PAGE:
Ragged lake by Ron Corbett

After last week's disappointment in my 2018 Reading Challenge, I am glad to be right back on track with Ragged Lake by Ron Corbett. (This is my thriller set in the wild.)

You discover a lot about yourself through reading (don't you hate it when people say they only read non-fiction, ugh!) but I already knew I am more outdoorsy than a domestic goddess, so a thriller set in the wild will always be more my cup of espresso than a claustrophobic domestic thriller.

I don't know if it's me if this is a sign I should make a movie, ( a hilarious notion), but lately while reading I imagine the story playing out on the big screen.
Ragged Lake should become a movie. Too bad Tarantino is a tied up, trying to squirm himself out of this whole letting his muse crash against a tree thing and being an awful commentator on a thirteen-year-old preparedness for an adult sexual relationship, (Thirt-TEEN, dude.) And maybe Tarantino is not the right man for the job anyway seeing that Ragged Lake is way too similar to The Hateful Eight where Tarantino put some terrible people up in an abandoned cabin resulting in carnage and mayhem.
Ragged Lake, nominated for an Edgar Award, is set on The Northern Divide. A young tree marker makes a gruesome discovery in an abandoned cabin. Detective Frank Yakabuski a former army man, is sent to investigate. He leads a task force against a biker gang trafficking drugs.
Ragged Lake is snowed in and Frank and his deputies can only arrive there on snowmobiles. It has been freezing this week here, and this book made me feel even colder, so maybe next time, I'll save the Canadian wilderness for the height of summer.
Arriving in this remote and desolate part of the world it becomes clear it this town is rundown, once thriving when it still had a paper mill, now few people are left and Frank suspects them all and locks them up in the local fishing lodge. If you expect an Agatha Christie kind of narrative, where Frank will gather them around and point at the culprit, this is not that kind of book. Or maybe this is Ten little Indians.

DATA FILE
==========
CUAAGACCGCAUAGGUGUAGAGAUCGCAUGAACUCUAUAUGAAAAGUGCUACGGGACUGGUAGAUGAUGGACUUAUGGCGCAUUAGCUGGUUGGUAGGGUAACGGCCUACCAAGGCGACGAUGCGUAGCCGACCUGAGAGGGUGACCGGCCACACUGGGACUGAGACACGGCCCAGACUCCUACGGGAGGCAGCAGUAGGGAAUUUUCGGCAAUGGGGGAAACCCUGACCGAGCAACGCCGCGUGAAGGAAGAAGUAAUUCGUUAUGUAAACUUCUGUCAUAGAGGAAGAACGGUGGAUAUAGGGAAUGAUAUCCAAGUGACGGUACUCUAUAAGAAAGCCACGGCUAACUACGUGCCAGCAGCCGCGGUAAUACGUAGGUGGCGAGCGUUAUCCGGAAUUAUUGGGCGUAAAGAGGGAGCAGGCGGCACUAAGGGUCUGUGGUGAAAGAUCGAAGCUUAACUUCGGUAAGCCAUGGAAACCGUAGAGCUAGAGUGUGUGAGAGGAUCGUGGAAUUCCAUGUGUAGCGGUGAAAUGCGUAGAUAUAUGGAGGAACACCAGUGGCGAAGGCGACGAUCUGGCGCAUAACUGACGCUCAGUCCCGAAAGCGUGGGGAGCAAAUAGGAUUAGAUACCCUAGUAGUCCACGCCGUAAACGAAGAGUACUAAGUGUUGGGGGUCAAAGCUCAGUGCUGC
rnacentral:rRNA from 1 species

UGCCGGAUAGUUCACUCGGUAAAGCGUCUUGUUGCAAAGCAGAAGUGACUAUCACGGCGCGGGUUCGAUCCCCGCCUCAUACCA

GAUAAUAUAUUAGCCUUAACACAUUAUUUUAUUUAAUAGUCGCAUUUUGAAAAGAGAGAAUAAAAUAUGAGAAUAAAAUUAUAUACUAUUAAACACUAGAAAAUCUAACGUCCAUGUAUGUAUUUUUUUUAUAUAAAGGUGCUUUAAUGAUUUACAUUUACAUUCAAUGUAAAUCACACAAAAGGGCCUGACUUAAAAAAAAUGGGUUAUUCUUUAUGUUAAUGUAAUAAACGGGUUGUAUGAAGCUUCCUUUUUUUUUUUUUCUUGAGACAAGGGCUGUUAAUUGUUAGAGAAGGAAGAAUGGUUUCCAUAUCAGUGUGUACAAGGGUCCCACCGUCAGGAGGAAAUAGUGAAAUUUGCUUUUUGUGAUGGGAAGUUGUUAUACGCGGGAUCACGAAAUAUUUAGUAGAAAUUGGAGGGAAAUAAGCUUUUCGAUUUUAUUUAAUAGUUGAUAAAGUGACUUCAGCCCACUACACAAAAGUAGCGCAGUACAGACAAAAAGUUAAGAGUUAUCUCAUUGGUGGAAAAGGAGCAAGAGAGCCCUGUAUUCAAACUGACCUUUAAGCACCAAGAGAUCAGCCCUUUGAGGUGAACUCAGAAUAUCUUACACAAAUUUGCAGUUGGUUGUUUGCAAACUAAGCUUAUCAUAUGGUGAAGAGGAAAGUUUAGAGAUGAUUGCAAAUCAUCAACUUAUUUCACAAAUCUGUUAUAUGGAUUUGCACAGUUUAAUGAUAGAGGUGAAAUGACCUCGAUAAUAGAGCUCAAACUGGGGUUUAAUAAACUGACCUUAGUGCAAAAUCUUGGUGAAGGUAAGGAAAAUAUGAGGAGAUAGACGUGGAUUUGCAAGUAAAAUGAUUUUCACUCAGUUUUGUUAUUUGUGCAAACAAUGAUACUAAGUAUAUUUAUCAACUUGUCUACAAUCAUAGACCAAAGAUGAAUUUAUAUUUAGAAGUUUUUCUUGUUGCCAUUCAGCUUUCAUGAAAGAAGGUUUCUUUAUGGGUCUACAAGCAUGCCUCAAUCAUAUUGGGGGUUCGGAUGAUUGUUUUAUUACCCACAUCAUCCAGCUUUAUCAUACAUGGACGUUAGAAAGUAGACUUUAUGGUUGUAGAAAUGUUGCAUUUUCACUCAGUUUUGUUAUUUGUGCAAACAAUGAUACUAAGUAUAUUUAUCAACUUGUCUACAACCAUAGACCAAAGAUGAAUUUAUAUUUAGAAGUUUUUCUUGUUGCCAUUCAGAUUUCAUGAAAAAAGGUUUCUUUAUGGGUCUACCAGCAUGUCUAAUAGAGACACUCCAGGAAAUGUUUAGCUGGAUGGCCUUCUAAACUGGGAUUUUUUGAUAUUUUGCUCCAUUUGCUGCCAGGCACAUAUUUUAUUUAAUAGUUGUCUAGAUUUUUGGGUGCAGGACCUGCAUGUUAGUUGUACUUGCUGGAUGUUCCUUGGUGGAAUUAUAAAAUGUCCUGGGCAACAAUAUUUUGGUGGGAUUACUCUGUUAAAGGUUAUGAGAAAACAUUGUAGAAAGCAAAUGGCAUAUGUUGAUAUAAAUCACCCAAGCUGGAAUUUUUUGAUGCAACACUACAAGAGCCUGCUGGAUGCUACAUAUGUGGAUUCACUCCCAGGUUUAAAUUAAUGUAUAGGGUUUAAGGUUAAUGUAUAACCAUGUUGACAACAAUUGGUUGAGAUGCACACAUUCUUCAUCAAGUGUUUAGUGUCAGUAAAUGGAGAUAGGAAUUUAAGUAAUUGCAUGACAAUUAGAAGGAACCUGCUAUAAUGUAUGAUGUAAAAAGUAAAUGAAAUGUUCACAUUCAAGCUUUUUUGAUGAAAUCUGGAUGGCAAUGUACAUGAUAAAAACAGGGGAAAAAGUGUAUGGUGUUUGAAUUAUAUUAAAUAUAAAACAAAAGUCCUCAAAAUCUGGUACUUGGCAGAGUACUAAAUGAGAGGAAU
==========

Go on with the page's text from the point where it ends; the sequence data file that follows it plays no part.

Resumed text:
And now I hear how that sounds because a large part of the story revolves around a beautiful Cree Indian girl named Lucy. One of the people that died in the cabin.

What I loved about Ragged Lake were the descriptions of the landscape, the language is beautiful, effective and evocative, it made me feel like I was freezing my ass off in Canadian wilderness myself, knowing that IRL I don't want to go to this godforsaken place. Why? Because the narrative is as chilling and harsh as the landscape, people drop like flies, and mercy in this town is a faraway concept.

The thing I liked less was how Ragged Lake was structured.
The other people killed in the cabin are Lucy's husband and their little girl. Lucy had a very interesting life, she was on her own, meeting the worst of the worst, from an early age. We know this because Frank finds her diary, and for large chunks in the book, we read along with him. These would be the flashbacks in a movie. Flashbacks can be jarring in a thriller when you want the story to move forward.
This book is very similar to Jane Harper's The Dry, one of the best thrillers of 2017: an unforgiving landscape, a family killed, a town full of losers, where the past of one of the victims causes everything that comes next. The flashbacks in The Dry where intricately woven through the story. It was easier because the man investigating shared a past with the victims.
Frank does not.
The diary parts are very well written, but I wished it was set up differently. Even if we get to know Lucy through her writing, the story loses momentum, its stakes.
Ragged Lake is quite nihilistic, there's a huge amount of violence, coldly calculated moves, and a methodical way to solve this mystery.
I may sound like I didn't like it very much, but I did. With his first-rate style, a new world that I enjoyed exploring and an original set up it has great potential, I look forward to the next Frank Yakabuski mystery.